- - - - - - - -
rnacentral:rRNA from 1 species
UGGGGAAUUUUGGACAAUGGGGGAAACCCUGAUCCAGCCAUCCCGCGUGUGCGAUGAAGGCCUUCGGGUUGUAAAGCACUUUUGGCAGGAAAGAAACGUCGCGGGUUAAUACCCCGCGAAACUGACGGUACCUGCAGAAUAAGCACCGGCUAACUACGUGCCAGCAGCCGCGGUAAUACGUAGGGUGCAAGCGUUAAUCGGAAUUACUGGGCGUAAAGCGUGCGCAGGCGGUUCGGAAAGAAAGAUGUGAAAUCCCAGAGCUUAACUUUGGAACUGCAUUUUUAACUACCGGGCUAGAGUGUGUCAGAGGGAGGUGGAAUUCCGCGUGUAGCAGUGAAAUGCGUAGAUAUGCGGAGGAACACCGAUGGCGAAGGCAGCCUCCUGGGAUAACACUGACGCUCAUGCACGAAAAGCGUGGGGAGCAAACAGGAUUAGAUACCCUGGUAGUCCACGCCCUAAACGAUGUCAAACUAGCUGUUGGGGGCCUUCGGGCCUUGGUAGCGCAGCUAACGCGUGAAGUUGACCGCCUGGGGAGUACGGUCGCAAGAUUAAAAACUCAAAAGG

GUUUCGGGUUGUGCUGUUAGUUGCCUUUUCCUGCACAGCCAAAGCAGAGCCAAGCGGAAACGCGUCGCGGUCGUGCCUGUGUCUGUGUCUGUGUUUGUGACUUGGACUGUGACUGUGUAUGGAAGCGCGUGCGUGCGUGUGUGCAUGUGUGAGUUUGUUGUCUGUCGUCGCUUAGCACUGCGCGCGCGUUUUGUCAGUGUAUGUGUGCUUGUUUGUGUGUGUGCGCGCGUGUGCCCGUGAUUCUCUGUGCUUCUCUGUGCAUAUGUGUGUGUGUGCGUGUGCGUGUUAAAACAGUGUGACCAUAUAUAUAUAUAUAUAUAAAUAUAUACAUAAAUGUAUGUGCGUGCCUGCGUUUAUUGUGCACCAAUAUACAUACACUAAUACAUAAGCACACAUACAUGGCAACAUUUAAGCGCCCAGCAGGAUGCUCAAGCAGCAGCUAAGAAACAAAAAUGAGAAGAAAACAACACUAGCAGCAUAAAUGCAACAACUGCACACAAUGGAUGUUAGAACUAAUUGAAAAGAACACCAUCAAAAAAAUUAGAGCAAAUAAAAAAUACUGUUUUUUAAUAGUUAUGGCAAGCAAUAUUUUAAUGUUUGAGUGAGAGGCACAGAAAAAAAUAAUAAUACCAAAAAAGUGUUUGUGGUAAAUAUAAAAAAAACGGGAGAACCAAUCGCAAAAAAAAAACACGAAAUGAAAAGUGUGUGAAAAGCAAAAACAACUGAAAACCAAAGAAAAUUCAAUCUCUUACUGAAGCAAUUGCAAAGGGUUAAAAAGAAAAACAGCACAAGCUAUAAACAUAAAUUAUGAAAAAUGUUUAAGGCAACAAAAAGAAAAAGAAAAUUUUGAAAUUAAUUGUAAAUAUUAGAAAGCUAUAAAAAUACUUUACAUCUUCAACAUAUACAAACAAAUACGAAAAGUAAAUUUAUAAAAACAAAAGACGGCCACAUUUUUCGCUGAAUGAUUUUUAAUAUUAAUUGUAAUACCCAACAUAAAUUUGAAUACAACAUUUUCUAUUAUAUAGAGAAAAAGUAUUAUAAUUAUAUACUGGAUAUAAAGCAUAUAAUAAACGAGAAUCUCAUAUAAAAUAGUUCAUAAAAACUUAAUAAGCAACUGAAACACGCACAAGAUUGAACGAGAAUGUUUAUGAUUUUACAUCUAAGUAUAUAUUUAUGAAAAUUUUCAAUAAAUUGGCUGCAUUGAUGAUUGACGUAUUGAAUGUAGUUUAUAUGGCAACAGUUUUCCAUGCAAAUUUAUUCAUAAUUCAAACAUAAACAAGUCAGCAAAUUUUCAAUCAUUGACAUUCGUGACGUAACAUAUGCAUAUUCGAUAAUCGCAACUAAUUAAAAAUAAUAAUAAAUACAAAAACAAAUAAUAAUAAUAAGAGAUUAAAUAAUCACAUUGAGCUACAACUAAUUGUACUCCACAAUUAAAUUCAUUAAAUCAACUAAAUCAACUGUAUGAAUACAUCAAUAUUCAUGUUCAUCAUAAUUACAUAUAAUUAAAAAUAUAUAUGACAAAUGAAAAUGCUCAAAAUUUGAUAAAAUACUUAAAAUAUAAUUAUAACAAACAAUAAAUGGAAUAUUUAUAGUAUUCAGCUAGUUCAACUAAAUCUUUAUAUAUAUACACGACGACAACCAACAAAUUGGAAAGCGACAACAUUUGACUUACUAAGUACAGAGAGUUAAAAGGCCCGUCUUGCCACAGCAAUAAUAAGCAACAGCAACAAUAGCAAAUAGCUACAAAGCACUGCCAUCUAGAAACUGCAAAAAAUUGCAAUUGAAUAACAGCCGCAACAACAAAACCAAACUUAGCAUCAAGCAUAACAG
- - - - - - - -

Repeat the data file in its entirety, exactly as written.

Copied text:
rnacentral:rRNA from 1 species
UGGGGAAUUUUGGACAAUGGGGGAAACCCUGAUCCAGCCAUCCCGCGUGUGCGAUGAAGGCCUUCGGGUUGUAAAGCACUUUUGGCAGGAAAGAAACGUCGCGGGUUAAUACCCCGCGAAACUGACGGUACCUGCAGAAUAAGCACCGGCUAACUACGUGCCAGCAGCCGCGGUAAUACGUAGGGUGCAAGCGUUAAUCGGAAUUACUGGGCGUAAAGCGUGCGCAGGCGGUUCGGAAAGAAAGAUGUGAAAUCCCAGAGCUUAACUUUGGAACUGCAUUUUUAACUACCGGGCUAGAGUGUGUCAGAGGGAGGUGGAAUUCCGCGUGUAGCAGUGAAAUGCGUAGAUAUGCGGAGGAACACCGAUGGCGAAGGCAGCCUCCUGGGAUAACACUGACGCUCAUGCACGAAAAGCGUGGGGAGCAAACAGGAUUAGAUACCCUGGUAGUCCACGCCCUAAACGAUGUCAAACUAGCUGUUGGGGGCCUUCGGGCCUUGGUAGCGCAGCUAACGCGUGAAGUUGACCGCCUGGGGAGUACGGUCGCAAGAUUAAAAACUCAAAAGG

GUUUCGGGUUGUGCUGUUAGUUGCCUUUUCCUGCACAGCCAAAGCAGAGCCAAGCGGAAACGCGUCGCGGUCGUGCCUGUGUCUGUGUCUGUGUUUGUGACUUGGACUGUGACUGUGUAUGGAAGCGCGUGCGUGCGUGUGUGCAUGUGUGAGUUUGUUGUCUGUCGUCGCUUAGCACUGCGCGCGCGUUUUGUCAGUGUAUGUGUGCUUGUUUGUGUGUGUGCGCGCGUGUGCCCGUGAUUCUCUGUGCUUCUCUGUGCAUAUGUGUGUGUGUGCGUGUGCGUGUUAAAACAGUGUGACCAUAUAUAUAUAUAUAUAUAAAUAUAUACAUAAAUGUAUGUGCGUGCCUGCGUUUAUUGUGCACCAAUAUACAUACACUAAUACAUAAGCACACAUACAUGGCAACAUUUAAGCGCCCAGCAGGAUGCUCAAGCAGCAGCUAAGAAACAAAAAUGAGAAGAAAACAACACUAGCAGCAUAAAUGCAACAACUGCACACAAUGGAUGUUAGAACUAAUUGAAAAGAACACCAUCAAAAAAAUUAGAGCAAAUAAAAAAUACUGUUUUUUAAUAGUUAUGGCAAGCAAUAUUUUAAUGUUUGAGUGAGAGGCACAGAAAAAAAUAAUAAUACCAAAAAAGUGUUUGUGGUAAAUAUAAAAAAAACGGGAGAACCAAUCGCAAAAAAAAAACACGAAAUGAAAAGUGUGUGAAAAGCAAAAACAACUGAAAACCAAAGAAAAUUCAAUCUCUUACUGAAGCAAUUGCAAAGGGUUAAAAAGAAAAACAGCACAAGCUAUAAACAUAAAUUAUGAAAAAUGUUUAAGGCAACAAAAAGAAAAAGAAAAUUUUGAAAUUAAUUGUAAAUAUUAGAAAGCUAUAAAAAUACUUUACAUCUUCAACAUAUACAAACAAAUACGAAAAGUAAAUUUAUAAAAACAAAAGACGGCCACAUUUUUCGCUGAAUGAUUUUUAAUAUUAAUUGUAAUACCCAACAUAAAUUUGAAUACAACAUUUUCUAUUAUAUAGAGAAAAAGUAUUAUAAUUAUAUACUGGAUAUAAAGCAUAUAAUAAACGAGAAUCUCAUAUAAAAUAGUUCAUAAAAACUUAAUAAGCAACUGAAACACGCACAAGAUUGAACGAGAAUGUUUAUGAUUUUACAUCUAAGUAUAUAUUUAUGAAAAUUUUCAAUAAAUUGGCUGCAUUGAUGAUUGACGUAUUGAAUGUAGUUUAUAUGGCAACAGUUUUCCAUGCAAAUUUAUUCAUAAUUCAAACAUAAACAAGUCAGCAAAUUUUCAAUCAUUGACAUUCGUGACGUAACAUAUGCAUAUUCGAUAAUCGCAACUAAUUAAAAAUAAUAAUAAAUACAAAAACAAAUAAUAAUAAUAAGAGAUUAAAUAAUCACAUUGAGCUACAACUAAUUGUACUCCACAAUUAAAUUCAUUAAAUCAACUAAAUCAACUGUAUGAAUACAUCAAUAUUCAUGUUCAUCAUAAUUACAUAUAAUUAAAAAUAUAUAUGACAAAUGAAAAUGCUCAAAAUUUGAUAAAAUACUUAAAAUAUAAUUAUAACAAACAAUAAAUGGAAUAUUUAUAGUAUUCAGCUAGUUCAACUAAAUCUUUAUAUAUAUACACGACGACAACCAACAAAUUGGAAAGCGACAACAUUUGACUUACUAAGUACAGAGAGUUAAAAGGCCCGUCUUGCCACAGCAAUAAUAAGCAACAGCAACAAUAGCAAAUAGCUACAAAGCACUGCCAUCUAGAAACUGCAAAAAAUUGCAAUUGAAUAACAGCCGCAACAACAAAACCAAACUUAGCAUCAAGCAUAACAG